Help protect the places we love, the values we share
In our emails, sent once or twice a week, you'll receive:
• alerts on new threats to Washington's environment
• opportunities to join other Washingtonians on urgent actions
• updates on the decisions that impact our environment
• resources to help you create a cleaner, greener future
Sixty-five chefs, restaurant owners and other culinary leaders joined us to launch the Bee Friendly Food Alliance. Through the Alliance, chefs and restaurateurs are calling attention to the importance of bees to our food supply, the dramatic die-off of bee populations, and the need to protect our pollinators. LEARN MORE.
Environment Washington is proud to have helped pass this important legislation by documenting the threat of mercury emissions, advocating in Olympia and working with thousands of citizens who contacted their legislators and attended community forums. We look forward to continuing efforts to move the state toward a clean energy future.
America’s homes are like cars that only get 10 miles to the gallon. Buildings consume 40 percent of America’s energy, and much of that energy is literally flying out the window rather than heating or cooling our homes and businesses. What’s worse, energy-wasting buildings are responsible for nearly half of our nation’s greenhouse gas emissions.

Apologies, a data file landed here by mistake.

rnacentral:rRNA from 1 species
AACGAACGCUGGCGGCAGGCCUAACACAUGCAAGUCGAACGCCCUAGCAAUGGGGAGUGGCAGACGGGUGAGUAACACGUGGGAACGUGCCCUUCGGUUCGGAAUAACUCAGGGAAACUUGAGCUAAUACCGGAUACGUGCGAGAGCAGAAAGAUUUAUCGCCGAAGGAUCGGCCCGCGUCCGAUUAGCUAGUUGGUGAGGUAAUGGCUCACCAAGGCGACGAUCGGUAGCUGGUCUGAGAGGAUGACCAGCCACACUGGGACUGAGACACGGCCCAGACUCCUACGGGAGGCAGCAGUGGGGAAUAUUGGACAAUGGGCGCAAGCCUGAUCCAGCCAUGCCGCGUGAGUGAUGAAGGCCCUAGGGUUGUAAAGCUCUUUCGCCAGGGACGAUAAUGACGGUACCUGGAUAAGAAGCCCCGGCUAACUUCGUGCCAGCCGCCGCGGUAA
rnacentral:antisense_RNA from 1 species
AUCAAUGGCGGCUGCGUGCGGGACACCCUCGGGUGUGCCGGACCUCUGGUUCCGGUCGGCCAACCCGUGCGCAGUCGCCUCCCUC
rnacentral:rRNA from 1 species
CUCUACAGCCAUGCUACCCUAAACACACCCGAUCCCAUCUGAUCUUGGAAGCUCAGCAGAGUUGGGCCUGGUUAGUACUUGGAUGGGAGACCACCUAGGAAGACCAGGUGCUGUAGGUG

With Earth Day approaching, Environment Washington released a new guide to help Washingtonians improve the energy performance of their homes and workplaces. The renewable energy and energy-saving measures proposed by Environment Washington’s “Plug into Clean Energy Guide” promise to lower energy bills and reduce pollution.
When power plants burn coal, oil or gas, they create the ingredients for ground-level ozone pollution, one of the main components of “smog” pollution. Especially on hot summer days, across wide areas of the United States, ozone pollution reaches levels that are unhealthy to breathe, putting our lives at risk. In 2009, U.S. power plants emitted more than 1.9 million tons of ozone-forming nitrogen oxide pollution into the air.